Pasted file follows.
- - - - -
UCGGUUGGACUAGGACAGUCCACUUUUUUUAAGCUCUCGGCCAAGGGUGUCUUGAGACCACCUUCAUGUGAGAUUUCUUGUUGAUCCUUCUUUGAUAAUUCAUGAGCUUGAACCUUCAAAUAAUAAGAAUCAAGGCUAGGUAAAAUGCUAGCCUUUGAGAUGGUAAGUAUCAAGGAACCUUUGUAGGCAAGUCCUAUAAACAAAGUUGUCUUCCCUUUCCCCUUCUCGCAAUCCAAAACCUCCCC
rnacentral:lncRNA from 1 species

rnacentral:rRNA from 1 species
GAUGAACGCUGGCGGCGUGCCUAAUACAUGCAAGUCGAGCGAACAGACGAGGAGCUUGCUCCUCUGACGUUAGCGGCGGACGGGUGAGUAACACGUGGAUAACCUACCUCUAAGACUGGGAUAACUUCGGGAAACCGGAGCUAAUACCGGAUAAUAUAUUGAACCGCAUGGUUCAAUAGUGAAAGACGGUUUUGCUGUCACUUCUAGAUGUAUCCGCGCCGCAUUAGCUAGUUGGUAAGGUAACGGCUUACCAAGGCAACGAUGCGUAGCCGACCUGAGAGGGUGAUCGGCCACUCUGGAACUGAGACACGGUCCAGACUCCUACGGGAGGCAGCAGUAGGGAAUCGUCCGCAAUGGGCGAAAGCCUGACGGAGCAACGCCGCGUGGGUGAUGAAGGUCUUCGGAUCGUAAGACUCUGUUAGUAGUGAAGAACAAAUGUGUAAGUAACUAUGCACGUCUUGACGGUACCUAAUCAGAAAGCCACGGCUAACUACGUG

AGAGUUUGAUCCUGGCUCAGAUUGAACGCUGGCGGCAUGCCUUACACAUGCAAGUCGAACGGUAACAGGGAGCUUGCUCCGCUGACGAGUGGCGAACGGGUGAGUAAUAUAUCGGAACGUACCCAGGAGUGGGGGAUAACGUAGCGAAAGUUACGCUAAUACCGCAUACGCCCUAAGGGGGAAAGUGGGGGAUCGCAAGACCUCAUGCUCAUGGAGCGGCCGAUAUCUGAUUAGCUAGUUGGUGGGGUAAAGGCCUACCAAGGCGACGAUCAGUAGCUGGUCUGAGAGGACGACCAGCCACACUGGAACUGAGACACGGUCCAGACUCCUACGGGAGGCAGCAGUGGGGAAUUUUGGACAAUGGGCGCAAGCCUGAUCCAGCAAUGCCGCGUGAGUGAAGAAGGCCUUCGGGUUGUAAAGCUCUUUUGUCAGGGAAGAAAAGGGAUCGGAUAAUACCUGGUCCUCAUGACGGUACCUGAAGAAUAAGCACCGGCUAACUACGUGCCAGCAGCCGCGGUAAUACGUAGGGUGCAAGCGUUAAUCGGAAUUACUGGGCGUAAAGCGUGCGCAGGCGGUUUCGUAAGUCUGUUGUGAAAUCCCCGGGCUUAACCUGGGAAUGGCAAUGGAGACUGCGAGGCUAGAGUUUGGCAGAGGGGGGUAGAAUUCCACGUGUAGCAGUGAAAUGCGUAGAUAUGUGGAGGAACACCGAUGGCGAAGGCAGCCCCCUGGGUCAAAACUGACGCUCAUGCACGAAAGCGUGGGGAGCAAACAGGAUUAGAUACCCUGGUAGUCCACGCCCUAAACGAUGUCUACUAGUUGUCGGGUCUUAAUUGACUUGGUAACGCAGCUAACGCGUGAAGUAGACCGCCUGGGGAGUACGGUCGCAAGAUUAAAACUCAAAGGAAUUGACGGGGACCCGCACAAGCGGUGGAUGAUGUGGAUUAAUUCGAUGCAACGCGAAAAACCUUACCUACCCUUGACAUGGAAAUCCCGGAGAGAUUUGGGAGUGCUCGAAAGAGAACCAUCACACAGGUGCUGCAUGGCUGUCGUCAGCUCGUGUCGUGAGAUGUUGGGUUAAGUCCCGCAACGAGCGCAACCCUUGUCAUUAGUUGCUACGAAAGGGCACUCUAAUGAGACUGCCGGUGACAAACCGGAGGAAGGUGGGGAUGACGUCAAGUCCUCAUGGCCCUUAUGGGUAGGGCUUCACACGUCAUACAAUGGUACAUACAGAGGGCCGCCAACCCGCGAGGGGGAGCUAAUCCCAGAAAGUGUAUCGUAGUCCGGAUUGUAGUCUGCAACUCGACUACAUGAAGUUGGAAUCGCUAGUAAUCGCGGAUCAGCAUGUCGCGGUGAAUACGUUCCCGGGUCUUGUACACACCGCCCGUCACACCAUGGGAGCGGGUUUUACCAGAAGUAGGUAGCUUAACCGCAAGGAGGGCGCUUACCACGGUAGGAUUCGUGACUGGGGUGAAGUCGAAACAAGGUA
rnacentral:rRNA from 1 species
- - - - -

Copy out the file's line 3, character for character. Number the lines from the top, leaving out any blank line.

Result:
rnacentral:rRNA from 1 species